Argued September 17, 1990.
Filed February 22, 1991.
Appeal from the Court of Common Pleas, Delaware County, Civil Division, No. 88-9640, Keeler, J.
W. Russell Carmichael, Media, for appellant.
Michael O'Hayer, Paoli, for appellee.
Before CAVANAUGH, WIEAND and HUDOCK, JJ.
The sole issue presented in this appeal is whether the Pennsylvania Insurance Guaranty Association (PIGA) may be held liable for bad faith failure to settle a claim against the insureds of an insolvent insurer.
This case is brought by the administratrix of the estate of decedent who died as a result of an automobile accident. The administratrix sued the tavern, Keenan's Tavern, at which the decedent had been drinking on the day of the accident for serving alcoholic beverages to decedent and his companion when they were visibly intoxicated. The tavern was insured by Amherst Insurance Company, which became insolvent. Pursuant to the terms of the Pennsylvania Insurance Guaranty Association Act (the Act), PIGA undertook the payment of covered claims owed by Amherst.
40 P. S. § 1701.101 et seq.
Besides the wrongful death action instituted by appellant, a declaratory judgment action was commenced by PIGA to determine the limitation of its liability under the terms of both the contract of insurance and of the Act. Appellant offered to settle for $75,000.00, but this offer was rejected by PIGA. PIGA quesitoned the amount of appellant's recovery, if any, under the terms of the insurance policy in light of the claims made by decedent's companion at the time of the accident. Appellant and the Keenans stipulated to an entry of judgment in excess of $1 million, the Keenans assigned their rights against PIGA to appellant, and the instant suit was filed.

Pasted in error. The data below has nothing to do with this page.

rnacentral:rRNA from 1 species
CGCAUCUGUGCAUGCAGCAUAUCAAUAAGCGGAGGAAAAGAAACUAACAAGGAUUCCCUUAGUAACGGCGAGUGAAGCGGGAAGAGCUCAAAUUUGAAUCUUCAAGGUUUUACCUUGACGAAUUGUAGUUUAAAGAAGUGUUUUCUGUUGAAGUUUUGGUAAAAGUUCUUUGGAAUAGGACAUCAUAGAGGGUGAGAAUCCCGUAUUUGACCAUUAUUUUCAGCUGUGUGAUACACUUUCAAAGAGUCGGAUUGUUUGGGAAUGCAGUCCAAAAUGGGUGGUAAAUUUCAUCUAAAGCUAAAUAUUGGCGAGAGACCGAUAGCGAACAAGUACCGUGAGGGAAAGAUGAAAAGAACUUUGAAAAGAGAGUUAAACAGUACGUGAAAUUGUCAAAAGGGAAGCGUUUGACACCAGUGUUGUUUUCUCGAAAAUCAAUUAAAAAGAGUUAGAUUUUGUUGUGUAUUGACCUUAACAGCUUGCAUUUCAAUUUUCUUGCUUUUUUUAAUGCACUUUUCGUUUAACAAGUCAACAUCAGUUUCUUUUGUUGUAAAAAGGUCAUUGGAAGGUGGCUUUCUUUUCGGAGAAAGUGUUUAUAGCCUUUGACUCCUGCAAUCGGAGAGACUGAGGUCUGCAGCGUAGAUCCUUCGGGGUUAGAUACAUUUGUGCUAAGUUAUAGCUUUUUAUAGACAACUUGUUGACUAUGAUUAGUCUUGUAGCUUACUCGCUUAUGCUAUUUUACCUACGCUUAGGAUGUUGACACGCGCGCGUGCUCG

In response to the complaint for damages for bad faith failure to settle, PIGA filed preliminary objections in the nature of a demurrer. It asserted three bases upon which it sought dismissal of the complaint: appellants did not seek recovery for a "covered claim" within the meaning of the Act; PIGA is immune from suit for a claim of bad faith failure to settle; and lack of privity between the parties precludes recovery.
The lower court granted the preliminary objections on the grounds that the complaint did not allege a "covered claim" within the meaning of the Act. It concluded that the allegations of bad faith failure to settle did not arise under PIGA's responsibility as the deemed insurer, but from actions taken in its own right as the entity handling the claim. "It is, therefore, in the nature of a tort claim resulting from improper or wrongful adjustment of the claim. Clearly, it does not arise from the direct obligations of the insurance contract itself." Lower Court Opinion, 3-1-90, at 4. Therefore, the claim was not cognizable under the Act. The lower court did not reach the immunity or privity issues since it found for PIGA on another basis.
This court may affirm the decision of a trial court for reasons other than those relied upon by the trial court. As long as the result is correct, the decision will be affirmed. McKenna v. Mooney, 388 Pa. Super. 298, 565 A.2d 495 (1989); Butler v. DeLuca, 329 Pa. Super. 383, 478 A.2d 840 (1984).
The immunity provision of the Act is as follows:
§ 1701.601 Immunity